Choosing between context.Background() and context.TODO()

Avatar of the author Willem Schots
14 Apr, 2023
~4 min.

If you have used the context package in the standard library, you might have noticed that there are two constructors that create an empty context: context.Background() and context.TODO().

So which one should you use when you need a new context?

Let’s check the docs

First, context.Background():

Background returns a non-nil, empty Context. It is never canceled, has no values, and has no deadline. It is typically used by the main function, initialization, and tests, and as the top-level Context for incoming requests.

Then, context.TODO():

TODO returns a non-nil, empty Context. Code should use context.TODO when it’s unclear which Context to use or it is not yet available (because the surrounding function has not yet been extended to accept a Context parameter).

So both return a “non-nil, Empty Context” and should function the same from a technical perspective. However, they differ in their intent and what they communicate to the people reading your code.

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Functional reasons

If your code requires an empty context for functional reasons, you should use context.Background(). It is the “standard” way of creating an empty context.

Like the docs said, common cases where you might want to use an empty context are in your main function or in (unit) tests. context.Background() is the right function to use in these cases.

Work in progress

I don’t think it’s a coincidence that it is spelled the same as a typical TODO comment. You should use context.TODO() as a “marker” for code that should to be fixed at some point.

The situation described in the documentation is quite common: You want to call a function that requires a context as input, but the function you’re calling it from does not accept a context yet.

Let’s look at an example.

package main

import "context"

func main() {

func a() {

func b(ctx context.Context) {
	// ...

Function a calls function b, but function a has not been extended to accept a context yet. So function a calls b with a context.TODO() context.

This signals to other developers that there is work to be done here. You might not always want to do this work immediately, because extending a function can require a bit of care:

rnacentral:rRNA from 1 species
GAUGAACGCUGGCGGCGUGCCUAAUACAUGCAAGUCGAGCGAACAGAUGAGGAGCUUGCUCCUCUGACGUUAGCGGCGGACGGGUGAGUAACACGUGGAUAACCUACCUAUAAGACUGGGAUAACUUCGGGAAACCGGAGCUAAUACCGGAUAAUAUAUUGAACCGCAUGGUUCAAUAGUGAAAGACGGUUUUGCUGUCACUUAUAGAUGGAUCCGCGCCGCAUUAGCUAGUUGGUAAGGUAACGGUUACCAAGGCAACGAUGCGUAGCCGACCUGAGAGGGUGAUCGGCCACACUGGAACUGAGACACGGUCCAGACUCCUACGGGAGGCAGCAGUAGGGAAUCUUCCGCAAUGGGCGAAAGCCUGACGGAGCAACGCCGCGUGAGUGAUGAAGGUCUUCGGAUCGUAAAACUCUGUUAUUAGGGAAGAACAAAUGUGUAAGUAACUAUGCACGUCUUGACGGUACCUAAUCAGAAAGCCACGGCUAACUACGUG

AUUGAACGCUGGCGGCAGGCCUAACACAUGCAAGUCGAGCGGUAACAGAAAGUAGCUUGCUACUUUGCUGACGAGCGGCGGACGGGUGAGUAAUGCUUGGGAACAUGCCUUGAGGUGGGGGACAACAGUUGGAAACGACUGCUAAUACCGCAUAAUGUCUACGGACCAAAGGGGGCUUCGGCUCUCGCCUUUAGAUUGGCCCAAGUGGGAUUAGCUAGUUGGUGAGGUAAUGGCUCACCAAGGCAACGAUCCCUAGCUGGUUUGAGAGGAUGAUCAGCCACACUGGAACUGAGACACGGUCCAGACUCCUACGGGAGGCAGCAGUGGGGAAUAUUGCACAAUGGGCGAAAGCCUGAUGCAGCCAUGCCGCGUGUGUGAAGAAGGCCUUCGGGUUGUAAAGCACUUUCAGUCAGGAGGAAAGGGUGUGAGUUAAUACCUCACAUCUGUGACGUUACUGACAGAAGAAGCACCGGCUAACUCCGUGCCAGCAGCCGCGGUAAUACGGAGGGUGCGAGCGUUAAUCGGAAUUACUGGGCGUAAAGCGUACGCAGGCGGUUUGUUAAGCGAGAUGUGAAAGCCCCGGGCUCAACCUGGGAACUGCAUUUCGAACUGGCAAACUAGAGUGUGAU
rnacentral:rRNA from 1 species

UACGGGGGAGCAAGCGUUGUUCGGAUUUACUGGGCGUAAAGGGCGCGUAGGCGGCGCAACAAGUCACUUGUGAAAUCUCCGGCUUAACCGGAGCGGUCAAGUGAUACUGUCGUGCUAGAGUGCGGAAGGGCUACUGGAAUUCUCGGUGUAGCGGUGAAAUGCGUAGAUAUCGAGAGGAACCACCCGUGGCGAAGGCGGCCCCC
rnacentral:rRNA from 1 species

• If the extended function is an exposed function (begins with a capital letter), adding a parameter would break all users of that function.
  • If the callers of the extended function don’t accept contexts yet, they in turn need to be extended as well. Leading to cascade of changes.

Never pass a nil context

Choosing the wrong constructor will not lead to your application blowing up. Both context.Background() and context.TODO() function in the same way.

However there is one thing that would result in issues: passing nil as a context. Even the docs warn against it:

Do not pass a nil Context, even if a function permits it. Pass context.TODO if you are unsure about which Context to use.

It can be a bit nefarious, becase the compiler will not warn you if you do provide nil as a context.

Eventually this will result in panics, for example, when you try to derive a new context:

package main

import "context"

func main() {

Which will result in:

panic: cannot create context from nil parent

Or when you attempt to call a method on the nil context itself:

package main

import "context"

func main() {
	var ctx context.Context = nil

Resulting in:

panic: runtime error: invalid memory address or nil pointer dereference

So never pass a nil context, unless you like tracing down these kind of panics.


As you just saw, the only way things can really go wrong is by providing a nil context, so if you use context.Background() or context.TODO() you will be fine. If you have any questions or comments feel free to reach out to me.

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